• Thanks for your suggestions for setting the AF. I’ll give them a try….at least until Art publishes his. As for my comments about the menus, I hope tongue in cheek intent came through. BTW, I also have a 1D Mark IV, and it’s menus are no better than the 7D, 5d Mark II, etc.

        • avatar Arthur Morris/BIRDS AS ART

          Details on my 5D III AF preferences will be detailed in the 5D MIII User’s Guide that I am working on as we speak. But there are lots of clues for the observant in the image captions….

  • Great picture! Thanks for sharing.

    When I take your advice and expose to the right, even my 7D images (which people like to dog on for noise) look pretty good at 3200, if I can get the subject into the light side of the histogram.

  • avatar Bill Richardson

    Maybe a better term would have been, “lacks detail” rather than not sharp

    • avatar Arthur Morris/BIRDS AS ART

      I would expect that an image made at ISO 3200 would have less fine detail than images made at ISO 400 for example. But as I said below, the image is very sharp.

  • avatar Bill Richardson

    Hi Bill,

    re:

    Don’t know how to post a reply so I am just posting again.

    All that you needed to go was hit the Reply button in the box with my comment.

    The loon looks mediocre to me because it is not sharp which may be from the low shutter speed or the noise reduction or simply because it is low res (yes I looked at the full res version).

    Sorry. The loon is sharp. Actually razor sharp. At 1/80 sec. with an 800mm lens….

    Shooting brackets does work if done right.

    It has nothing to do with doing it right. You can do everything perfectly but if the subject moves, and they almost always do even when they are sleeping, the plan fails.

    It is useful in harsh light. Subject must be still, like a resting royal tern for example.

    Or dead or totally sound asleep 🙂

    Photos must be shot in 2 exposure bracket at high shutter speed to minimize movement.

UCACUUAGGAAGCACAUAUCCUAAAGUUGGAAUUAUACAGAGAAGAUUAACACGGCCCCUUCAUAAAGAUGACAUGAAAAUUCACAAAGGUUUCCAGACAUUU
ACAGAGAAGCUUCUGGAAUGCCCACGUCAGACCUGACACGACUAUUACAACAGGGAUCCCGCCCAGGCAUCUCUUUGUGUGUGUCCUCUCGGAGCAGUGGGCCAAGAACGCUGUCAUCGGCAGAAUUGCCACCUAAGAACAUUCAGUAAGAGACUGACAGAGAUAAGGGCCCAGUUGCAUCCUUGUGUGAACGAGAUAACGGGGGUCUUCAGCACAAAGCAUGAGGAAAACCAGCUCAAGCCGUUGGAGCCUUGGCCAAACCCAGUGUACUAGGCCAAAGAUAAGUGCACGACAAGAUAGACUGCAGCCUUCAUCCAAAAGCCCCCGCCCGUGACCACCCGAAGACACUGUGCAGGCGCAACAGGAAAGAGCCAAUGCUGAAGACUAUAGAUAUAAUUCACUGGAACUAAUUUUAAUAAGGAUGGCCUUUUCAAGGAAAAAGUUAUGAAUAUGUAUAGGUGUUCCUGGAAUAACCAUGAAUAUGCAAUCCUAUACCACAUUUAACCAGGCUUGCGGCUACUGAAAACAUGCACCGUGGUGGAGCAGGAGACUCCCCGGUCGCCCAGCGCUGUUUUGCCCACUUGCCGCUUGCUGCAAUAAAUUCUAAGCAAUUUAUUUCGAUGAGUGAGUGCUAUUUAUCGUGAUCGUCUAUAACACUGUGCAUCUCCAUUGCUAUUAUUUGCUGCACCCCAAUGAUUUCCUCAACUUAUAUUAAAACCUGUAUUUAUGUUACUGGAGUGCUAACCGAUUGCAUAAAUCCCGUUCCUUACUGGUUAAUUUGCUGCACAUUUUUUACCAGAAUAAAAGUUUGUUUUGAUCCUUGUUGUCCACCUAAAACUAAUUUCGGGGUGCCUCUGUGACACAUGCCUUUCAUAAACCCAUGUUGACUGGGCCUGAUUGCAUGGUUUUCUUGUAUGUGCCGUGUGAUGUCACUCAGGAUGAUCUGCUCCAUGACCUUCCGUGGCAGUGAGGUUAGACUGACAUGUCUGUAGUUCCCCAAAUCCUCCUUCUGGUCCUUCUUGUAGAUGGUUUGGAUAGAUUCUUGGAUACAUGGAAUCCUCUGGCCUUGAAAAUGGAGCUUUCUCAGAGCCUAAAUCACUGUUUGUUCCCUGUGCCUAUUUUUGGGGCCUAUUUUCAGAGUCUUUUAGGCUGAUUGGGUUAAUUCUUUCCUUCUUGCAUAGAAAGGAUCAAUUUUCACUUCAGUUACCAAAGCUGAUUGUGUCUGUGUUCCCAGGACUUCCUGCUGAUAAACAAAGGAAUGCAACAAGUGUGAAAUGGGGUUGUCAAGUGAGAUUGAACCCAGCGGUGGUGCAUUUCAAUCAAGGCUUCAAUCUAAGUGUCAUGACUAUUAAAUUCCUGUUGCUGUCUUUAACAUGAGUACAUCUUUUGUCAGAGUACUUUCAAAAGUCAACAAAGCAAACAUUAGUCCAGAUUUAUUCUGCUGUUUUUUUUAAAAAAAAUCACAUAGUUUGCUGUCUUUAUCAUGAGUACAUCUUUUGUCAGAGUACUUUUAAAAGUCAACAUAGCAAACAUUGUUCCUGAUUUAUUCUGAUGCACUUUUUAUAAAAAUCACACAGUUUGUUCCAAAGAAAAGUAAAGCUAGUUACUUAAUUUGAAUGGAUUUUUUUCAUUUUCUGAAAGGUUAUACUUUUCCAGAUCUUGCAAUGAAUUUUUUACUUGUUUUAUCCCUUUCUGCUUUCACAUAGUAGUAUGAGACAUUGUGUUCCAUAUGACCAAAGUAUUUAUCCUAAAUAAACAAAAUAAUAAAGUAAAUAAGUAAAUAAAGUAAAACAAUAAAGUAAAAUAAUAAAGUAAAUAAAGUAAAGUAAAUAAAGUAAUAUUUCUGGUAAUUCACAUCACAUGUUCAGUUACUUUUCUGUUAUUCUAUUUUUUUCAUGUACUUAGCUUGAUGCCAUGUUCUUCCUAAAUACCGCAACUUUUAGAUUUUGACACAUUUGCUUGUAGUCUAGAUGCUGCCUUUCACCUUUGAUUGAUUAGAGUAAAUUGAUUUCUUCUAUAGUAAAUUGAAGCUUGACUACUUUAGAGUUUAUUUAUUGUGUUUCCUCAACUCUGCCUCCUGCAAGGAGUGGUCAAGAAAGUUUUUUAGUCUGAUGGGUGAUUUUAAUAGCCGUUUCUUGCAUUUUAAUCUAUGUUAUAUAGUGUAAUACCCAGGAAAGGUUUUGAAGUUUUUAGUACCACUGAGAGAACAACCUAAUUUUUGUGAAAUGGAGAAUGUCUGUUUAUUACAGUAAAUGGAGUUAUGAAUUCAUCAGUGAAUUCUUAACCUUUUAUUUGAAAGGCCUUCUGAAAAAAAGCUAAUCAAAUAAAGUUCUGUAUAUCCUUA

You need also to make sure that the big lens is perfectly still. In addition, your technique seems flawed: you need to be in Av mode so that the d-o-f is consistent….

    The CS5 layer align tool will match things up and you only blend in the dark areas so any mismatch does not show. Try it, you might like it better than trying to bring detail out of blacks and showing noise. It is fast and effective when no fill flash is possible/desirable and the light is harsh.

    In rare situations it can work but there are far too many limitations to employ the technique in your everyday bird photography. And I have tried it. Without much success.

    You missed my question about whether you ordered your 5D MIII with a B&H link.

    later and love, artie

    • avatar cheapo

      Hi Bill, you can just click on the word ‘Reply’ next to the time and date of any post to reply to it. 🙂
      Hope that helps,
      Pete.

    • avatar Ted Willcox

      If an image is sharp it should also have detail. The Loon looks very sharp on my monitor, check out the eye.

  • avatar David Policansky

    I used to shoot Ilford B&W film at 3200 ASA (as we said back then, more than 50 years ago). I got lovely, albeit grainy, images doing that. You could even push it in developing it to 6400, but I never did (and perhaps I already was pushing it to get 3200, I don’t remember). IMHO, the quality of modern digital images blows away any film I ever used, even my beloved Kodachrome, although I’d guess that in the hands of a skilled photographer, medium- and large-format film still is better than any consumer digital camera for ultimate resolution and dynamic range.

    I disagree. Especially on the dynamic range issue. Every film image that I have has toasted WHITEs and too dark BLACKs. Digital has tons more latitude than film could ever dream of. I am not sure where that myth started. Consider also that John Shaw said the following: “A sharp image from a 4mp camera will blow away a print from any 35mm film….” And he has sold more than a few prints over the years. artie